Um, I don’t know if I’m thinking it’s gonna be as dark as you’re saying, but there is absolutely a shift in the market. You can see it, you can feel it, you can look on the MLS right now and see all the price reductions just in my market.
I think it’s gonna be fairly market-specific, especially here in the beginning. Right? I think there are several markets where prices have increased, 20%, 30%, and 40% above the norm.
And those markets are either staying flat or declining in population growth.
And I think as you start to see super high prices, population growth is going down.
I think you’re gonna see big drops in the cost of real estate in those markets starting.
And then I think that’ll move across the country.
What I’m telling my students and, and what I’ve, what I’ve been talking about is either we’re either gonna be starved for deals, but money’s widely available
…or you’re starved for money and deals are hard to come by.
Or deals are widely available and I think – we’re moving as investors. We buy situations that tend to have a house that comes with them.
Right. And an economy like we’re seeing now is gonna create even more situations.
And so, yes, I think deal flow is gonna be there, but access to money is gonna be different.
And what we’re talking about with my students is being able
to lean harder into some of the creative financing and owner financing, just like you’re talking about, we want to create options.
Like there are indicators to me when I’m talking to somebody where I know, like, I know owner financing is best for you. I just have to educate you so that YOU know, owner financing is best for you. Right.
Or I know that subject to is probably the best strategy here. It’s just gonna take some sort of education so that we understand how to do that or so that I can help you see the benefit to you.
And so I think, as we move into this, we need to be opening our minds to more than one type of lending. Cause hard money is expensive. Now, wait till you see it. When rates continue to rise and. And community banks are tightening up. My, my, the one I deal with mostly sent me an email yesterday just with, with the new rates and terms that they’re, they’re trying to go with.
And there, they’re trying to slow down how much money we borrow with them because they feel like it’s 2008 all over again. You know, a lot of these banks lost their shirt back then. And so they’re, they’re, they’ve got a little PTSD. Um,
Chad Corbett: they have a lot of outstanding corporate debt, too. Record
levels of outstanding corporate debt.
And that’s what like, the metrics within the real estate industry. Or asset class, they don’t make me nervous at all. I think it looks if you isolate it, if you put blinders on and act like it’s an isolated part of the economy, great. Like, it looks like everything’s going great. Rents are ripping. Prices are ripping. Like we’ve got the most credit-worthy buyers we’ve ever had in this country. But when you pan the camera out and you look at the level of distress, you know, I mean, there are over a dozen companies in the S&P 500 that should have died two years ago.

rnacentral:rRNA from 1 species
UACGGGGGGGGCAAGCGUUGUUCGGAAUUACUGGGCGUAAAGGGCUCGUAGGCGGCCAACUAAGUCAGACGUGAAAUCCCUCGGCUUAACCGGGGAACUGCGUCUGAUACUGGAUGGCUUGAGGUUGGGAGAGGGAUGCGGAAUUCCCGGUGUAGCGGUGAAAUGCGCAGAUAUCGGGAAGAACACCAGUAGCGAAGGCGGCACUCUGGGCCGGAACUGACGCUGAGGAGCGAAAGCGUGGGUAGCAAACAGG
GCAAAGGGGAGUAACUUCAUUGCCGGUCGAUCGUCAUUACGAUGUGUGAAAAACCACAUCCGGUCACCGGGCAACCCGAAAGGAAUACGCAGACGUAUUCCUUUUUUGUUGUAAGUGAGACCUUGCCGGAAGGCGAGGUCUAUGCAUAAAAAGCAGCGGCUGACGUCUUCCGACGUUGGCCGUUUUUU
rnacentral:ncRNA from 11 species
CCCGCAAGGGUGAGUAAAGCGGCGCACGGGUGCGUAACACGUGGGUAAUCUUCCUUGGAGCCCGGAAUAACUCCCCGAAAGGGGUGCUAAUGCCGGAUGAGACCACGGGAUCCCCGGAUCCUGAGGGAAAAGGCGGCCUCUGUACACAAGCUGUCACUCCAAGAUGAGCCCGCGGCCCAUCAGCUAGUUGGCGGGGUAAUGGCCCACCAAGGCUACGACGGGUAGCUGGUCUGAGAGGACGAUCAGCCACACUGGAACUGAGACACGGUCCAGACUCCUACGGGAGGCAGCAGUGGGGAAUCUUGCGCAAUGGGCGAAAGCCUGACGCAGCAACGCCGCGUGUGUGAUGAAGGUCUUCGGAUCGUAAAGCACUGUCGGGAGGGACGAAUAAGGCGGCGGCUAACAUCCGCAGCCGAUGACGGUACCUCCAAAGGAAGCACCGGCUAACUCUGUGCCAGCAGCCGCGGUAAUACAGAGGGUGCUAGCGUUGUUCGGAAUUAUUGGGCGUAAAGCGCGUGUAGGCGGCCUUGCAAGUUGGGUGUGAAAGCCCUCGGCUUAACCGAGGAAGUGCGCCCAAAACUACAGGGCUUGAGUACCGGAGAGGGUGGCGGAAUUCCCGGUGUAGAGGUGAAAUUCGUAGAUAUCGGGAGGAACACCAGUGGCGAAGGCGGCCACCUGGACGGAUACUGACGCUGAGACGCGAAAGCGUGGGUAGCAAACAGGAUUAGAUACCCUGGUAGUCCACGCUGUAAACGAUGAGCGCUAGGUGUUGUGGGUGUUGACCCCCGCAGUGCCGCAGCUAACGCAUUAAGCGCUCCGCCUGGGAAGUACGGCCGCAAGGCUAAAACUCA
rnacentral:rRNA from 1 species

They’ve been propped up by the fed by the central bank, and they’re not gonna be able to stand on their own when you, when you, when they’re let go, they’re let go.
You’ve got three of the largest corporations in the S&P 500 posting more than 50% loss. Quarter over quarter, 50% reductions in profit.
One of those will surprise you. It’s Amazon, heard of it? So like we, we have, we, we have a crisis like the leading indicators to a massive corporate debt problem. And that’s what makes me the most nervous because it’s going to hit the banks and it’s going to hit the people with jobs.
And when, when banks won’t lend money and when people with jobs can’t borrow money, then your demand shuts off like a switch. So sellers will then demand that, you know, they’re not gonna lower their price and their motivation as their motivation becomes higher, their price becomes lower. You can sit there and starve the death for six to nine months until that happens.
[00:38:38] How to pitch sub2 financing: Simple script example
Chad Corbett: Or you can be the one that educates them. So just like Henry said, like, you know, when a sub2 deal is the right thing, you need to learn to translate that into layman’s terms. How about “ where you guys think if, if you had to move today, where would you go? All right. Well, how about you go ahead and do that and I’ll build your credit while you’re gone and I’ll take this problem off your back.”
I’ll go ahead and bring the payments current today. How’s that sound?”
“well, what, what do you mean that, that I can’t do that. That sounds like a scam to me.” Yeah, it’s interesting you say that..” And just start the conversation. But like, just get into a conversation with them and explain it. They don’t understand real estate finance.
It’s your job to do that.
Henry Washington: Yep.
Chad Corbett: You can get deals in a frozen market when everyone else says they’re starving to death, you can create your own deals.